Monday, November 28, 2011

Ghost at will ...

Edo period, around AD 1844

From a tenth-century legend

Princess Takiyasha was the daughter of the provincial warlord Taira no Masakado who tried to set up an 'Eastern Court' in Shimōsa Province in competition with the emperor in Kyoto. However, his rebellion was put down in AD 939 and Masakado was killed. After his death, Princess Takiyasha continued living in the ruined palace of Sōma.

This print shows the episode from the legend when the emperor's official, ōya no Mitsukuni, comes to search for surviving conspirators. The princess is reciting a spell written on a handscroll. She summons up a giant skeleton which comes rearing out of a terrifying black void, crashing its way through the tattered palace blinds with its bony fingers to menace Mitsukuni and his companion.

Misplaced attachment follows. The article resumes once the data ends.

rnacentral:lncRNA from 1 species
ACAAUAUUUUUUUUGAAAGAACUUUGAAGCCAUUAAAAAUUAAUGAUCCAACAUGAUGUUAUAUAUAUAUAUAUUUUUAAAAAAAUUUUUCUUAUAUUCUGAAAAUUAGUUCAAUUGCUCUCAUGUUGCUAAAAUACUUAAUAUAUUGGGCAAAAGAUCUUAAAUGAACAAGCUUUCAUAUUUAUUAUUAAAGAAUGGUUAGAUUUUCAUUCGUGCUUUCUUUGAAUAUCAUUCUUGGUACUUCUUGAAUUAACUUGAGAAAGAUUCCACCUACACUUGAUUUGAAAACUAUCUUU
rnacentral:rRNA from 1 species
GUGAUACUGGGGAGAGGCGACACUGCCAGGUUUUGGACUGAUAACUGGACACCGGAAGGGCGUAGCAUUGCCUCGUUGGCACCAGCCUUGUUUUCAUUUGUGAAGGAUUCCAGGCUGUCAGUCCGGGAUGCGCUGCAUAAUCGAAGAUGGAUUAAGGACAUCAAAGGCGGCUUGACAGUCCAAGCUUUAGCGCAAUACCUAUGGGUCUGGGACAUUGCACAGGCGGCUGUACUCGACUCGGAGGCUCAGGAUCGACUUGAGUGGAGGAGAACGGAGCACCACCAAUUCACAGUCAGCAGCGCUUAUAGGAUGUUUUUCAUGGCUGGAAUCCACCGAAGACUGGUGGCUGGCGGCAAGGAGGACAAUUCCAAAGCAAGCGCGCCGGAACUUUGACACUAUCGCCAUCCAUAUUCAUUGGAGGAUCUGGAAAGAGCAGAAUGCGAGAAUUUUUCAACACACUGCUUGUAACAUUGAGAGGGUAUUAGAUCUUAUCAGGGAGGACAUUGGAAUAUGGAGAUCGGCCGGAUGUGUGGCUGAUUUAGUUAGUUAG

Kuniyoshi, the artist, probably referred to an illustration in his collection of western prints to produce this grinning skeleton in all its accuracy of detail.

The legend was also the theme of a Kabuki play. At the time that this print was made the Tempō Reforms had made it illegal to depict Kabuki actors and theatre scenes in woodblock prints, so Kuniyoshi (1797-1861) may have produced this 'historical' version of the story in order to get round the law. Kuniyoshi often used the triptych format (three prints forming a single composition) to dramatic effect, spreading large forms across all three sheets.

L. Smith, V. Harris and T. Clark, Japanese art: masterpieces in (London, The British Museum Press, 1990)